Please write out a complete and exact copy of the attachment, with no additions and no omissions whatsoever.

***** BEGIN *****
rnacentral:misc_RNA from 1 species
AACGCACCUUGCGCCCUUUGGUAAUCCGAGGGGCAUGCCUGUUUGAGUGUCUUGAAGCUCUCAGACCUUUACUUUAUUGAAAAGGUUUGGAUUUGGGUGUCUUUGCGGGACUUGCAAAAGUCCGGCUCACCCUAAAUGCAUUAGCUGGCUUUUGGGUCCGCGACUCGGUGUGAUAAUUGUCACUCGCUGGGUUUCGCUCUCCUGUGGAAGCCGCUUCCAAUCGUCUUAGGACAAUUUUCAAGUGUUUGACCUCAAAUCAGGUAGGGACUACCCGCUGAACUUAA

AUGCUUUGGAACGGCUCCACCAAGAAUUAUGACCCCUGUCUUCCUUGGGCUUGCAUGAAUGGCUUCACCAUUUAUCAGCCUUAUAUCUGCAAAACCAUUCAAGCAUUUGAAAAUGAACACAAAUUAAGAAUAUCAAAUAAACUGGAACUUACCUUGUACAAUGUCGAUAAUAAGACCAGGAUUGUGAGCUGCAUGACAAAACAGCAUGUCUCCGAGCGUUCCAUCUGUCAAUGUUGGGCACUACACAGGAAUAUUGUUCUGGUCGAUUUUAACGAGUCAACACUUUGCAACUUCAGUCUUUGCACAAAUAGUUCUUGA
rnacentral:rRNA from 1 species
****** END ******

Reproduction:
rnacentral:misc_RNA from 1 species
AACGCACCUUGCGCCCUUUGGUAAUCCGAGGGGCAUGCCUGUUUGAGUGUCUUGAAGCUCUCAGACCUUUACUUUAUUGAAAAGGUUUGGAUUUGGGUGUCUUUGCGGGACUUGCAAAAGUCCGGCUCACCCUAAAUGCAUUAGCUGGCUUUUGGGUCCGCGACUCGGUGUGAUAAUUGUCACUCGCUGGGUUUCGCUCUCCUGUGGAAGCCGCUUCCAAUCGUCUUAGGACAAUUUUCAAGUGUUUGACCUCAAAUCAGGUAGGGACUACCCGCUGAACUUAA

AUGCUUUGGAACGGCUCCACCAAGAAUUAUGACCCCUGUCUUCCUUGGGCUUGCAUGAAUGGCUUCACCAUUUAUCAGCCUUAUAUCUGCAAAACCAUUCAAGCAUUUGAAAAUGAACACAAAUUAAGAAUAUCAAAUAAACUGGAACUUACCUUGUACAAUGUCGAUAAUAAGACCAGGAUUGUGAGCUGCAUGACAAAACAGCAUGUCUCCGAGCGUUCCAUCUGUCAAUGUUGGGCACUACACAGGAAUAUUGUUCUGGUCGAUUUUAACGAGUCAACACUUUGCAACUUCAGUCUUUGCACAAAUAGUUCUUGA
rnacentral:rRNA from 1 species